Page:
Independent India: Warli Adivasi Revolt of 1945 -

Illustrated by Nafisa Ruheen

With Independence Day being right around the corner, it is ceremonial for us to look back into the annals of our history, musing over recollections that brim with patriotic fervour. Today, however, let us take a moment to inspect what it means to be independent.

Celebrating a day of independence in itself establishes the existence of two opposing forces - one that oppresses, and another that is oppressed. It is a display of triumph over the oppressor. The oppressed commemorate their debut as an independent entity, an important factor of which is securing acknowledgement from the international community. This essentially legitimises freedom through recognition. We must pause here to ask - what happens when the nation refuses to acknowledge the rights and freedoms of its own marginalised populations?

On the 75th anniversary of Indian Independence, we turn back the pages of history to unearth the adivasi struggle of 1945. In contemporary times, discussions about the freedom struggle in and outside the classroom usually tend to paint the Indian elite as leaders of change. In doing so, we tend to overlook how the bourgeoisie was in some part complicit in the colonial government’s systemic bureaucratisation. This refers to the privileged classes - the moneyed and landed gentry, the upper castes, and those educated in English - who benefited from the Raj’s policies and took advantage of the same, while those less fortunate had to pay the cost. 

In his paper, On Some Aspects of the Historiography of Colonial India, esteemed historian Ranajit Guha writes about how history remembers the nationalist movement as a war against colonialism led by the erudite elite who single-handedly mobilised the masses. “(It is) the goodness of the native elite with the antagonistic aspect of their relation to the colonial regime made (...) to look larger than its collaborationist aspect, their role as promoters of the cause of the people than that as exploiters and oppressors, their altruism and self-abnegation than their scramble for the modicum of power and privilege granted by the rulers in order to make sure of their support for the Raj. The history of Indian nationalism is thus written up as a sort of spiritual biography of the Indian elite.”

It then becomes a duty for us as readers and writers to bring to the fore peoples’ movements and mass rebellions instead of venturing in the direction of hero-worship. In Maharashtra, one needs to look no further than Dahanu taluka - home to the Warli tribe - to find a prime example of tribal rebellion against the barbaric regimes of native land owners.

The mistreatment of the Warli workers of Thane district was no secret. The practice of veth begar or unpaid labour was rampant, as was lagnagadi, which refers to an adivasi couple being enslaved by their employer in return for a small amount of money borrowed to fund marriage expenses. The latter practice often bound the adivasi to the employer for life - or even generations. In addition to these injustices, there existed a gendered component to the layers of dispossession experienced by the Warli. The women fell victim to sexual harassment and violence. Lagnagadi allowed the landlord to have sexual rights over the bride of the labourer. They often took liberties with the Warli women and considered them akin to any other asset or property. This led to the dehumanisation of the tribal women, who were also forced to entertain the employer’s personal guests. The unchecked spread of such activity led to the birthing of a special caste known as the Watla, which was assigned to the children born of these relations.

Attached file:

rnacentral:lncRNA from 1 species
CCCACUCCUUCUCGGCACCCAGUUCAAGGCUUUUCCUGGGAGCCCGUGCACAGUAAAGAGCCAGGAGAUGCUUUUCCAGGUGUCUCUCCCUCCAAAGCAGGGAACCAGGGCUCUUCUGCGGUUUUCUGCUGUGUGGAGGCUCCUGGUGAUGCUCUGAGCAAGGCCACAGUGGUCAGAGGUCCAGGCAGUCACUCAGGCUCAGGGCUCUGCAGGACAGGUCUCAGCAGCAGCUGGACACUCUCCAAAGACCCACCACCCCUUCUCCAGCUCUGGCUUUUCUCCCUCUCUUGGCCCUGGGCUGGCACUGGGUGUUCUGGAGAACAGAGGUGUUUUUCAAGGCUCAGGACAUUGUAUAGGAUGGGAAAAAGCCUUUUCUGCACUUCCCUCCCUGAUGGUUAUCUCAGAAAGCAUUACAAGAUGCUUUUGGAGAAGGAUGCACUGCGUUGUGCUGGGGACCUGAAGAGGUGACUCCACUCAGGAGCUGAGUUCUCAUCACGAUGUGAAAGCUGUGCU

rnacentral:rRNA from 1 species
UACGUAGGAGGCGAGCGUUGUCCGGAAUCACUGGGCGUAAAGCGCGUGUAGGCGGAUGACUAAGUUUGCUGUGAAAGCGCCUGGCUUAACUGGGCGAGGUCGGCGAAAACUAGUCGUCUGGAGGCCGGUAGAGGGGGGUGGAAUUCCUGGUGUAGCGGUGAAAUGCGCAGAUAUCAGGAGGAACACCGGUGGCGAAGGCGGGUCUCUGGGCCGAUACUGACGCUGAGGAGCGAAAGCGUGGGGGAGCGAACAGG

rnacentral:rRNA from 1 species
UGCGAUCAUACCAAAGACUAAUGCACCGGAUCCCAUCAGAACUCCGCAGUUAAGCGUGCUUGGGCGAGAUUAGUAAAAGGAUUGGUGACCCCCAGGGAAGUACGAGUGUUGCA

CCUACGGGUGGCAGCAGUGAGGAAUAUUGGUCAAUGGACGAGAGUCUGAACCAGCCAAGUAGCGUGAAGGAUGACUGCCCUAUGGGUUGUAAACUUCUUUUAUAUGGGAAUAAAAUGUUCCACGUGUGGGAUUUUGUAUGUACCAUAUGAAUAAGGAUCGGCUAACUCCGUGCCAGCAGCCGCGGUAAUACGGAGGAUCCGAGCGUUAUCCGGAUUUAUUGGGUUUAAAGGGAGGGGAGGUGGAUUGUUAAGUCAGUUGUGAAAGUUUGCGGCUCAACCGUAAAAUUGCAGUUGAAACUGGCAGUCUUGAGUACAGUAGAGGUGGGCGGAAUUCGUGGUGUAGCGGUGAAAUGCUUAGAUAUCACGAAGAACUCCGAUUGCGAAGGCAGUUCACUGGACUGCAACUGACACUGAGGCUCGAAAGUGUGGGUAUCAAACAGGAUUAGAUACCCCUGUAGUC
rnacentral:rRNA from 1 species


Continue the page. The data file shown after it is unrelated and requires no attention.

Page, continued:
The British Raj in India was a harbinger of major administrative changes that took place at multiple levels of governance in the country. This included land revenue systems, many of which were concocted and implemented on a seemingly trial and error basis, often with hidden agendas beneficial to the rulers. Predictably, the community that suffered the most at the hand of these systems were the adivasis. Most tribes relied on a collective communitarian culture principally progressing on the basis of oral tradition. For this reason, they often had neither documentation, nor stipulated private owners for tracts of land. They became a vulnerable target for legalised tyranny. Under Lord Cornwallis, the Zamindari System exploited peasant workers as the landlords demanded more money from the peasants than they themselves had to pay to the government. The Ryotwari System implemented in the late 18th century was developed on the premise that the government would directly collect taxes. No middle man would be involved. The land was to be analysed and the taxation would depend on an estimate of productivity based on soil potential. This disregarded real-life circumstances such as crop failure due to drought, in which case peasants would be forced to borrow the sum from moneylenders. In addition to this, the Indian Forest Act of 1878 further alienated the adivasi populace by robbing them of their right to use timber. While the act was passed with the intent of conservation, it unfortunately overlooked Indian tribes’ dependency on forest produce.